Changes afoot — and critics appear — at AJCongress

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NEW YORK — There's an old joke about the three Jewish defense agencies: Upon finding anti-Semitic graffiti, the American Jewish Committee commissions a sociological study, the Anti-Defamation League holds a news conference, and the American Jewish Congress files a lawsuit.

But the distinction of the AJCongress as the American Jewish organization most willing to roll up its shirt sleeves and duke it out over civil liberties and the pursuit of peace in the Middle East is long gone, according to many Jewish observers.

As Phil Baum steps down as executive director, the direction of the AJCongress, once one of the most liberal of American Jewish organizations, appears to be more fluid than ever.

Neil Goldstein was named last week to take over for Baum.

Goldstein had been serving for the past year as the AJCongress' director of national affairs, and previously served as assistant executive director in the mid-1980s.

In an interview, Goldstein said he will work closely with the "strong lay leadership" of AJCongress in setting a course for the organization.

"I am certain that we will continue to be at the cutting edge of issues that affect the Jewish community" and others, Goldstein said, citing AJCongress' work on sectarian issues such as Israel and anti-Semitism and nonsectarian ones including civil liberties and education.

Baum will remain associated with the AJCongress as its senior adviser on world affairs.

Baum's departure comes on the heels of a controversy over the firing of the director of the AJCongress' New England chapter, Sheila Decter, after more than 20 years of her service to the group.

Critics say Decter was one of the most beloved and well-respected leaders in Boston and blame her termination on the organization's ideological shift to the right. Additionally, the Forward in New York reported last week that Decter plans to file an age- and gender- discrimination suit against her former employer.

But Jack Rosen, the group's president, say it was a matter of financial accountability, and said there is no basis to Decter's charges.

Apart from the Decter firing and whether it represents a change in direction for the AJCongress, one thing is for sure: the organization is in the midst of an extensive restructuring.

It had a hard time finding someone to replace Baum, who indicated his intention to retire a few years ago.

In addition, the AJCongress has fired the director of its New York office, closed its San Francisco and Los Angeles offices and hired new directors of its Washington and Philadelphia offices — both of whom hail from politically conservative backgrounds.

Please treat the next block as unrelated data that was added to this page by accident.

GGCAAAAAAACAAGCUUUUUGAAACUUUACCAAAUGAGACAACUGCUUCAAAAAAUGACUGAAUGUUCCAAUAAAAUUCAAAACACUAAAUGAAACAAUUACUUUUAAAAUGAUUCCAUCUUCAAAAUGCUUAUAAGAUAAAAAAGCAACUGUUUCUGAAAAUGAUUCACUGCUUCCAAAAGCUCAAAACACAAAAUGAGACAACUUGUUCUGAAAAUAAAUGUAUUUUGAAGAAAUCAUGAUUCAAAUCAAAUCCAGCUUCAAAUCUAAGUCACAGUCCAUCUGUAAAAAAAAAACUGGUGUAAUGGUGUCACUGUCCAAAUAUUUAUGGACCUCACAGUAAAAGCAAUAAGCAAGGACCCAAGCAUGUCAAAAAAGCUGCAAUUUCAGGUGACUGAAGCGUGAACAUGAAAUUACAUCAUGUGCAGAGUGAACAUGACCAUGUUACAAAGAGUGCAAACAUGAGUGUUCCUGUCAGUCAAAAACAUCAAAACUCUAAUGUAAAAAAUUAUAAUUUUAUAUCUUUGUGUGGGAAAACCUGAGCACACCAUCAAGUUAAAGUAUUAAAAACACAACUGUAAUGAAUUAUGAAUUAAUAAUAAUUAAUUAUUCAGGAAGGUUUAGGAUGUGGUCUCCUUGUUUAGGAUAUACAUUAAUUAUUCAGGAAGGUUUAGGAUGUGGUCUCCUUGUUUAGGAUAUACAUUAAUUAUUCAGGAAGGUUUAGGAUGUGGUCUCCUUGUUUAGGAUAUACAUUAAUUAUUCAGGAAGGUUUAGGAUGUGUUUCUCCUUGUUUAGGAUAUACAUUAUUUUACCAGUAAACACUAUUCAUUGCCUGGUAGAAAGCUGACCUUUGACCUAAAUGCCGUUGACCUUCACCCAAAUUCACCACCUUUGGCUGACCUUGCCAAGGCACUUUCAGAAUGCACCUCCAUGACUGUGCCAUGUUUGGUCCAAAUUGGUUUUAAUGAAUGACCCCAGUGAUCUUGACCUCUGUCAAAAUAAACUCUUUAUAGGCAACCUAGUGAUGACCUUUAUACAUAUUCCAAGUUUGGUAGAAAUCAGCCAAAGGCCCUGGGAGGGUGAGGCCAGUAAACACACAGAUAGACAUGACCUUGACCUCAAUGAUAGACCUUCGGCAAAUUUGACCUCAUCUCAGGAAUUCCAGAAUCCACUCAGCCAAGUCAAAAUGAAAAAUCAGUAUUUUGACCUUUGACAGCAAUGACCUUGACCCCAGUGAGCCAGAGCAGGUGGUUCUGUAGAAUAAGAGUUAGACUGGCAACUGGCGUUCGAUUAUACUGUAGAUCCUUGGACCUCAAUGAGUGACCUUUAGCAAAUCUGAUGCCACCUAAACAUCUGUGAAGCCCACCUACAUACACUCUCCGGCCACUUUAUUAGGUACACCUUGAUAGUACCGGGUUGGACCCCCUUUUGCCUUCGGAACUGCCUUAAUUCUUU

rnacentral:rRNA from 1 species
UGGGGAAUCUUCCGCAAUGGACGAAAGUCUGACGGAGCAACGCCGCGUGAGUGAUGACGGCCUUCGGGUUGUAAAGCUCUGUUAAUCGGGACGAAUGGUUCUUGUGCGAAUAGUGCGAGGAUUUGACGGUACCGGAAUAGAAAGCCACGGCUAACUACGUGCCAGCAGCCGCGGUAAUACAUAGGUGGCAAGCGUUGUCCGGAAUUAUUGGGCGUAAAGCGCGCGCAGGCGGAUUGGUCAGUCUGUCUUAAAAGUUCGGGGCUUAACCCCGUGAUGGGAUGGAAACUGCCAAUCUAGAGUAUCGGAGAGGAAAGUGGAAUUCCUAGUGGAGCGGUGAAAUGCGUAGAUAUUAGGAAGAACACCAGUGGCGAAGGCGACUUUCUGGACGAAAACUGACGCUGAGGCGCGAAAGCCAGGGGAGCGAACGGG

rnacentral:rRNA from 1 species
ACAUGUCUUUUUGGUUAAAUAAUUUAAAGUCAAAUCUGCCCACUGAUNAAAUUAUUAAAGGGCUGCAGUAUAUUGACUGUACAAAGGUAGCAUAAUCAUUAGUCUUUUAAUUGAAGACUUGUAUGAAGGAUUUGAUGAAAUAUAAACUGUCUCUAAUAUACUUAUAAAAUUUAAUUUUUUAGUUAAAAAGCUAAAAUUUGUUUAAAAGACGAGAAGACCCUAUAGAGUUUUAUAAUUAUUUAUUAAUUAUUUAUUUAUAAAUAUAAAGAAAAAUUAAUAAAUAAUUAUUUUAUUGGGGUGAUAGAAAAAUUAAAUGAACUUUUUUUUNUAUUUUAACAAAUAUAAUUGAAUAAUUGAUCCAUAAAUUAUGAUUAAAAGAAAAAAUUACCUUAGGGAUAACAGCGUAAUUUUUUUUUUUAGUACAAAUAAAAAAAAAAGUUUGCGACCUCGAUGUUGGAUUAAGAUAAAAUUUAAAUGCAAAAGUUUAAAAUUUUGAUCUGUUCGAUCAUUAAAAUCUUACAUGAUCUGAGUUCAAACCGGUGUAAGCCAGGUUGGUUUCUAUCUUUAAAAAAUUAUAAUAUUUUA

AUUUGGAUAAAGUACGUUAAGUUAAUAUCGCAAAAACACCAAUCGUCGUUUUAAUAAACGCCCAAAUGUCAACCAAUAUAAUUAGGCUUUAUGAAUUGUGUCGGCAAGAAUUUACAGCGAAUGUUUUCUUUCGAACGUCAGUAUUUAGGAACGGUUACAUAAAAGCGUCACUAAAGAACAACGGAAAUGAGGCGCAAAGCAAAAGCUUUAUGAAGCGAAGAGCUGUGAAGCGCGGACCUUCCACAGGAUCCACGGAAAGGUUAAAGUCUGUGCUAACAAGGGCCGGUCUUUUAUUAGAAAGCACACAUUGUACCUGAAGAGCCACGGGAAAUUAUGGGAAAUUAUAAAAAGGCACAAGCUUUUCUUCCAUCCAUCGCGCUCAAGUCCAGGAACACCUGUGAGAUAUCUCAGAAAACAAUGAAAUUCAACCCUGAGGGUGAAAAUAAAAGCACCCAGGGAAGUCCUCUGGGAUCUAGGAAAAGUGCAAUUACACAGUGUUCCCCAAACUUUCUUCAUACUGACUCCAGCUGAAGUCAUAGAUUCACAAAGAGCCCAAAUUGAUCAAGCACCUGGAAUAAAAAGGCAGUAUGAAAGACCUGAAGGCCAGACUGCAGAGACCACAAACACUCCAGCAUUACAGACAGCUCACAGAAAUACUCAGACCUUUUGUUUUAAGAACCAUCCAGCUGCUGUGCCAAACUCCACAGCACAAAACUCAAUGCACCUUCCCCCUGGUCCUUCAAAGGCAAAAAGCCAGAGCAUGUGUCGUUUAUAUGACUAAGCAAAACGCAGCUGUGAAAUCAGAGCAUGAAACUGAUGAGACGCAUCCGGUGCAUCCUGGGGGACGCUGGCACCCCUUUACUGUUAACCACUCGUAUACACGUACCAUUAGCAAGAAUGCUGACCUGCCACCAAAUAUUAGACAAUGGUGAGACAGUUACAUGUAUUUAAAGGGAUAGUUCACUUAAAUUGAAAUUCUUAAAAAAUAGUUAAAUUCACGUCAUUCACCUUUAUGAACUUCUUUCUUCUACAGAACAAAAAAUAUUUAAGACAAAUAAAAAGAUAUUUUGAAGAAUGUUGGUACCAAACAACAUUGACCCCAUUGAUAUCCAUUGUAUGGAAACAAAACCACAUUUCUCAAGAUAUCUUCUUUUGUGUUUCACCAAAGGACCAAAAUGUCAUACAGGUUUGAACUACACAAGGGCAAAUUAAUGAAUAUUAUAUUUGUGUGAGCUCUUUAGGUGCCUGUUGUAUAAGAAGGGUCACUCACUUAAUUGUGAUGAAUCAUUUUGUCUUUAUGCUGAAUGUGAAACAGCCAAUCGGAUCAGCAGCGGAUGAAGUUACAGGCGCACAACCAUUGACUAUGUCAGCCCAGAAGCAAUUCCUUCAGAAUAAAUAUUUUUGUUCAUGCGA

The AJCongress has since reopened its office in Los Angeles, where its old lay leadership has founded a new organization, the Progressive Jewish Alliance.

A similar group has been started in Philadelphia.

The regional office changes, according to Rosen, are part of a responsible effort to reverse the financial crisis that has long plagued the organization.

As to the question of liberal fires and conservative hires, Rosen said, "Where they come from is irrelevant. They're employed by the organization to carry out its programs."

"I can say, unequivocally, there's been no change on our domestic liberal agenda," Rosen said.

But he acknowledged a policy shift on Israel and the peace process, saying that times have changed.

"In the past, AJCongress supported the policy of land for peace and the Oslo accords," he said. "But as a result of the terrorist attacks by suicide bombers killing innocent civilians, we support the Sharon government in their policy of not negotiating with [Yasser] Arafat until he takes necessary measures to end terrorist activities."

But a former president of the AJCongress, who was active with the organization for nearly 50 years, said he believed both fronts have been abandoned.

"I'm very sad, very sad," said Theodore Mann, a Philadelphia attorney and former chairman of the Conference of Presidents of Major American Jewish Organizations.

"In a way it's heartbreaking that it no longer seems to be following either the assertive pursuit of civil rights and civil liberties that it once did or the belief that a peace process was absolutely essential and could not be abandoned."

Mann pointed to the AJCongress' acceptance of some of Bush's recommendations for countering terrorism in the wake of the Sept. 11 terror attacks, such as "rounding up people with questionable due process."

He said "the American Jewish Congress nationally immediately approved that kind of approach without careful examination and over the objection of surely some of its chapters."

Asked about the perception that the organization had shifted right, Goldstein said, "I believe that everyone here shares a set of progressive values…and ideas."

"There has been no change in those values or ideals," he continued, but the methods for achieving them, such as an increased focus on legislative action, have changed.

Rosen too said the AJCongress' stance on the delicate balance between protecting civil liberties and implementing counterterrorism measures is one that has adapted to the times.

"Today we have a world where terrorism places priorities on what programs we're going to pursue," he said.